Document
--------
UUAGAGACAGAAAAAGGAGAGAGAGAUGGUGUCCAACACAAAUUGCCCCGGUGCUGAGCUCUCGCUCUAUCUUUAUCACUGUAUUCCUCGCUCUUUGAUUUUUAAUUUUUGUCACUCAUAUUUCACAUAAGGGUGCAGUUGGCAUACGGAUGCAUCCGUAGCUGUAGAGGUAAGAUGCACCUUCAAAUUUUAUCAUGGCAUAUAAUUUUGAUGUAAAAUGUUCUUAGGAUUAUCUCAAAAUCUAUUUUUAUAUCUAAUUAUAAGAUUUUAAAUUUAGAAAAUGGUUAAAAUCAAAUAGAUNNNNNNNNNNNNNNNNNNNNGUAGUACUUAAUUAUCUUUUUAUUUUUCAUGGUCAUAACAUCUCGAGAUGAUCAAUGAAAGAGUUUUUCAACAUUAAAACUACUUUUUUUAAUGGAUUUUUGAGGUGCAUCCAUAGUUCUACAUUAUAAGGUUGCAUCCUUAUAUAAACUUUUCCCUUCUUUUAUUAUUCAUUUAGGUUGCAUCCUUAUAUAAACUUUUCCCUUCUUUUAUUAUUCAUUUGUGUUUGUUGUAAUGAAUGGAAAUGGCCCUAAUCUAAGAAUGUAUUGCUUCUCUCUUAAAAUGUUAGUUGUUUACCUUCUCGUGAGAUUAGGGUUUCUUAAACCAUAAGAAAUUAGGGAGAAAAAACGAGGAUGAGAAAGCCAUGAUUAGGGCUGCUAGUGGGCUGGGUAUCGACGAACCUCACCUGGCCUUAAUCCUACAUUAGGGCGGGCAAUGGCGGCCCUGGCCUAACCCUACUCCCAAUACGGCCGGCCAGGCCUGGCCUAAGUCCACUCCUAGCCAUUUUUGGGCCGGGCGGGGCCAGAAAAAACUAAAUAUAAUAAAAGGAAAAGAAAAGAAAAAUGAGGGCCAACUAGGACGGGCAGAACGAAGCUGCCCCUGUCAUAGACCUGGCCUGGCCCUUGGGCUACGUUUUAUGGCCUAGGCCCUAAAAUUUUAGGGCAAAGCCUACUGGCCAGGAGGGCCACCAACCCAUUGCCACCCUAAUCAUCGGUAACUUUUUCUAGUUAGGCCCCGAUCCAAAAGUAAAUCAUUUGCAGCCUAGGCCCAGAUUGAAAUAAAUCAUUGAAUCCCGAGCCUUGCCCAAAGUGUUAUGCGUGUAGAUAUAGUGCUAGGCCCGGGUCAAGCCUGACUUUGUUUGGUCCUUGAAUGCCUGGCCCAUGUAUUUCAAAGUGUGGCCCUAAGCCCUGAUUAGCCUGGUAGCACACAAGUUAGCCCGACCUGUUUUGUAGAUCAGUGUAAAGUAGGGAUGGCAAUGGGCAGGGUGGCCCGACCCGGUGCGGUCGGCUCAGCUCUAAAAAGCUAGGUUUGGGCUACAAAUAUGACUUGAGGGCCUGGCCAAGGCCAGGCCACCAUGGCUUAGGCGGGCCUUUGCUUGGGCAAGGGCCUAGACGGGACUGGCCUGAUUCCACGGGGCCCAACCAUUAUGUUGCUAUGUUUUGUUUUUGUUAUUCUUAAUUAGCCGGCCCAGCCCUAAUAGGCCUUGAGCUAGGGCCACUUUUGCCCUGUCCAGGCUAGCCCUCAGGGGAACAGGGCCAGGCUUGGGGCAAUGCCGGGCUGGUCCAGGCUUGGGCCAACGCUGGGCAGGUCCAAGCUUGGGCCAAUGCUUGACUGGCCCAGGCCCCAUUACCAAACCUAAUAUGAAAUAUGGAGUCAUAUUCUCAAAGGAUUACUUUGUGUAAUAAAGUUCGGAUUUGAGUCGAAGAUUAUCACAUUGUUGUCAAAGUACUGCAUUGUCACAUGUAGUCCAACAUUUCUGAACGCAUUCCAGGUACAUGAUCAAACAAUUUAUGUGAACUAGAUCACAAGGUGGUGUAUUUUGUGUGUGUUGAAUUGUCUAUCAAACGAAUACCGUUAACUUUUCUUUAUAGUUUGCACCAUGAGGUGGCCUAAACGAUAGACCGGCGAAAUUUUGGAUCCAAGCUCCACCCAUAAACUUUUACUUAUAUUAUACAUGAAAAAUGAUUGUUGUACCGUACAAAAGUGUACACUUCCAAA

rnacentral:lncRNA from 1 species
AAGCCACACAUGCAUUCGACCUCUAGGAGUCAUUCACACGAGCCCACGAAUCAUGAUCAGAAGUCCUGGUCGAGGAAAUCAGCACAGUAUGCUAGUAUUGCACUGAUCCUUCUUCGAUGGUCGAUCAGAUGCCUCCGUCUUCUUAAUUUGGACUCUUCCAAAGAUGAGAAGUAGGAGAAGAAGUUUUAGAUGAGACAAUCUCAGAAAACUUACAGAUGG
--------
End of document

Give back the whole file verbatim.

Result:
UUAGAGACAGAAAAAGGAGAGAGAGAUGGUGUCCAACACAAAUUGCCCCGGUGCUGAGCUCUCGCUCUAUCUUUAUCACUGUAUUCCUCGCUCUUUGAUUUUUAAUUUUUGUCACUCAUAUUUCACAUAAGGGUGCAGUUGGCAUACGGAUGCAUCCGUAGCUGUAGAGGUAAGAUGCACCUUCAAAUUUUAUCAUGGCAUAUAAUUUUGAUGUAAAAUGUUCUUAGGAUUAUCUCAAAAUCUAUUUUUAUAUCUAAUUAUAAGAUUUUAAAUUUAGAAAAUGGUUAAAAUCAAAUAGAUNNNNNNNNNNNNNNNNNNNNGUAGUACUUAAUUAUCUUUUUAUUUUUCAUGGUCAUAACAUCUCGAGAUGAUCAAUGAAAGAGUUUUUCAACAUUAAAACUACUUUUUUUAAUGGAUUUUUGAGGUGCAUCCAUAGUUCUACAUUAUAAGGUUGCAUCCUUAUAUAAACUUUUCCCUUCUUUUAUUAUUCAUUUAGGUUGCAUCCUUAUAUAAACUUUUCCCUUCUUUUAUUAUUCAUUUGUGUUUGUUGUAAUGAAUGGAAAUGGCCCUAAUCUAAGAAUGUAUUGCUUCUCUCUUAAAAUGUUAGUUGUUUACCUUCUCGUGAGAUUAGGGUUUCUUAAACCAUAAGAAAUUAGGGAGAAAAAACGAGGAUGAGAAAGCCAUGAUUAGGGCUGCUAGUGGGCUGGGUAUCGACGAACCUCACCUGGCCUUAAUCCUACAUUAGGGCGGGCAAUGGCGGCCCUGGCCUAACCCUACUCCCAAUACGGCCGGCCAGGCCUGGCCUAAGUCCACUCCUAGCCAUUUUUGGGCCGGGCGGGGCCAGAAAAAACUAAAUAUAAUAAAAGGAAAAGAAAAGAAAAAUGAGGGCCAACUAGGACGGGCAGAACGAAGCUGCCCCUGUCAUAGACCUGGCCUGGCCCUUGGGCUACGUUUUAUGGCCUAGGCCCUAAAAUUUUAGGGCAAAGCCUACUGGCCAGGAGGGCCACCAACCCAUUGCCACCCUAAUCAUCGGUAACUUUUUCUAGUUAGGCCCCGAUCCAAAAGUAAAUCAUUUGCAGCCUAGGCCCAGAUUGAAAUAAAUCAUUGAAUCCCGAGCCUUGCCCAAAGUGUUAUGCGUGUAGAUAUAGUGCUAGGCCCGGGUCAAGCCUGACUUUGUUUGGUCCUUGAAUGCCUGGCCCAUGUAUUUCAAAGUGUGGCCCUAAGCCCUGAUUAGCCUGGUAGCACACAAGUUAGCCCGACCUGUUUUGUAGAUCAGUGUAAAGUAGGGAUGGCAAUGGGCAGGGUGGCCCGACCCGGUGCGGUCGGCUCAGCUCUAAAAAGCUAGGUUUGGGCUACAAAUAUGACUUGAGGGCCUGGCCAAGGCCAGGCCACCAUGGCUUAGGCGGGCCUUUGCUUGGGCAAGGGCCUAGACGGGACUGGCCUGAUUCCACGGGGCCCAACCAUUAUGUUGCUAUGUUUUGUUUUUGUUAUUCUUAAUUAGCCGGCCCAGCCCUAAUAGGCCUUGAGCUAGGGCCACUUUUGCCCUGUCCAGGCUAGCCCUCAGGGGAACAGGGCCAGGCUUGGGGCAAUGCCGGGCUGGUCCAGGCUUGGGCCAACGCUGGGCAGGUCCAAGCUUGGGCCAAUGCUUGACUGGCCCAGGCCCCAUUACCAAACCUAAUAUGAAAUAUGGAGUCAUAUUCUCAAAGGAUUACUUUGUGUAAUAAAGUUCGGAUUUGAGUCGAAGAUUAUCACAUUGUUGUCAAAGUACUGCAUUGUCACAUGUAGUCCAACAUUUCUGAACGCAUUCCAGGUACAUGAUCAAACAAUUUAUGUGAACUAGAUCACAAGGUGGUGUAUUUUGUGUGUGUUGAAUUGUCUAUCAAACGAAUACCGUUAACUUUUCUUUAUAGUUUGCACCAUGAGGUGGCCUAAACGAUAGACCGGCGAAAUUUUGGAUCCAAGCUCCACCCAUAAACUUUUACUUAUAUUAUACAUGAAAAAUGAUUGUUGUACCGUACAAAAGUGUACACUUCCAAA

rnacentral:lncRNA from 1 species
AAGCCACACAUGCAUUCGACCUCUAGGAGUCAUUCACACGAGCCCACGAAUCAUGAUCAGAAGUCCUGGUCGAGGAAAUCAGCACAGUAUGCUAGUAUUGCACUGAUCCUUCUUCGAUGGUCGAUCAGAUGCCUCCGUCUUCUUAAUUUGGACUCUUCCAAAGAUGAGAAGUAGGAGAAGAAGUUUUAGAUGAGACAAUCUCAGAAAACUUACAGAUGG